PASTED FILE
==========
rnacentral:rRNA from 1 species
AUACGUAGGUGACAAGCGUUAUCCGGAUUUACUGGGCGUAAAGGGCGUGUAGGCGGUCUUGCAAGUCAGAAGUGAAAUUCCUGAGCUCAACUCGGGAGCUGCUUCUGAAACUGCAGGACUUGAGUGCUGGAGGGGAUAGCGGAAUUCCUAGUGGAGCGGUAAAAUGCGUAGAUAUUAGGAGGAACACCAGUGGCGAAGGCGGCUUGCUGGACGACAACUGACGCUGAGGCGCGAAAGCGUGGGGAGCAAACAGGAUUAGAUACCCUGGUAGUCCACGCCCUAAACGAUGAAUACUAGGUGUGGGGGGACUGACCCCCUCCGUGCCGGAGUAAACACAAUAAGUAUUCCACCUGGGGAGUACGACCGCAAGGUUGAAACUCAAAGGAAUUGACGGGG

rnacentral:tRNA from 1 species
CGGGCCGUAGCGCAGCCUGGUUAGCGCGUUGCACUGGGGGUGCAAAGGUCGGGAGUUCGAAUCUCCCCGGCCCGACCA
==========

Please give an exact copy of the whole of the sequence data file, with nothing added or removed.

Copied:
rnacentral:rRNA from 1 species
AUACGUAGGUGACAAGCGUUAUCCGGAUUUACUGGGCGUAAAGGGCGUGUAGGCGGUCUUGCAAGUCAGAAGUGAAAUUCCUGAGCUCAACUCGGGAGCUGCUUCUGAAACUGCAGGACUUGAGUGCUGGAGGGGAUAGCGGAAUUCCUAGUGGAGCGGUAAAAUGCGUAGAUAUUAGGAGGAACACCAGUGGCGAAGGCGGCUUGCUGGACGACAACUGACGCUGAGGCGCGAAAGCGUGGGGAGCAAACAGGAUUAGAUACCCUGGUAGUCCACGCCCUAAACGAUGAAUACUAGGUGUGGGGGGACUGACCCCCUCCGUGCCGGAGUAAACACAAUAAGUAUUCCACCUGGGGAGUACGACCGCAAGGUUGAAACUCAAAGGAAUUGACGGGG

rnacentral:tRNA from 1 species
CGGGCCGUAGCGCAGCCUGGUUAGCGCGUUGCACUGGGGGUGCAAAGGUCGGGAGUUCGAAUCUCCCCGGCCCGACCA